By Vanessa Correia

The scene that I have chosen to depict in my drawing is the one where Anna visits Walter and loses her virginity to him. I chose this scene because I think it represents a turning point in the novel, Anna’s stepping stone into a world of desperation, confusion, and darkness. I wanted my piece to reflect the sadness and resignation present in this deceptively simple scene.

The focal point of my piece is a somewhat abstract rendition of Anna. She is nude and utterly vulnerable, laying in the fetal position. Of course, the position of her body can be seen as obvious foreshadowing to her pregnancy, but I meant it to illustrate her own childishness and immaturity. Anna is only 18 years old, alone in a country she detests (and that detests her), with very little experience and no moral guidance. She has just been taken advantage of by Jeffries, and acknowledges that “[she’d] always known, always remembered…always known it” (32). I interpreted this ambiguous thought as her admitting that she feels and has always understood her destiny of sadness. Like a baby, she is helpless in this moment of resignation, but recognizes that she has lost her innocence.

Although Anna is meant to be the focal point of the drawing, there is a lot of wandering for the eyes to do. The colored dots lead to a sense of confusion and even anxiety. This was not exactly my intention, but I do think it lends itself quite well to Anna’s state of mind. The top half of the drawing is composed of red, orange, blue, green, yellow, and gold dots, which are not structured and seem to have a life of their own. This exotic array of color portrays Anna’s origins in the West Indies and has a happy and lively tone. The bottom half, however, represents the uniformity of England which Anna so vehemently despises. On the way to Jeffries’ residence, Anna remarks that the street is “quiet and watching and not friendly” (31). When she leaves after the rendez-vous, she makes her way through the street in the fog. All images of England in this scene are gloomy, and so naturally I felt that grey, light blue, and black dots should represent the despondency of the surroundings.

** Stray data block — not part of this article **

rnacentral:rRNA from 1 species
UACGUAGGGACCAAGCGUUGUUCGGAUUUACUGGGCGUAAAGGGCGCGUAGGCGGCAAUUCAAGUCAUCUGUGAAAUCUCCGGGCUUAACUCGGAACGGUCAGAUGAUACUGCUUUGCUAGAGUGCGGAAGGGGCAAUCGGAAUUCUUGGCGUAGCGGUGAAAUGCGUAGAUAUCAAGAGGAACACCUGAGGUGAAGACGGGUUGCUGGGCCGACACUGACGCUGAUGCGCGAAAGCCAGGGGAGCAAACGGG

Both worlds, of happy memories and sad realities, inevitably clash, with Anna in the middle. I put her in the middle because she truly doesn’t fit into either world. The opposing moods also mirror one another, which is an allusion to the looking glass in the scene. Anna feels that she looks silly when she sees her reflection in the mirror, openly mentioning that she doesn’t like what she sees and that different looking glasses give her a different version of reality. To be honest, I don’t know exactly what Anna saw when she looked into that mirror. I assume she saw reality, her young body and confused spirit. It obviously caused discomfort, but it didn’t lead her to make any better decisions in the novel. In this regard, the pointillism style reflects a sense of reality and unreality and the angst of confronting the past and the present simultaneously.

I feel as though my work did capture the thematic essence of the novel by playing with the depressed tone and dream like states of confusion. Although it wasn’t my initial idea to have the entire piece composed of dots, I became entranced and anxious and couldn’t stop myself from stabbing all those colors onto the sheet. I still think it was a successful attempt at portraying this crucial scene in the novel. I truly hope it has the emotional and visual impact that I intended.


One thought on “Turbulence

  1. I love this piece. It’s so textured and emotive, and I think it captures the spirit of this scene really well. The pointillism is really cool, and again, adds an appropriate effect. I’m glad that you made unexpected discoveries while doing this. Your explanatory text above is also terrific. You clearly put a lot of thought into this novel, and into how you could represent it in a physical format. I also really like how Anna’s body is raised above the noisy background. All in all, this demonstrates a really strong engagement with the novel, and is an excellent artistic tribute. Fantastic work!


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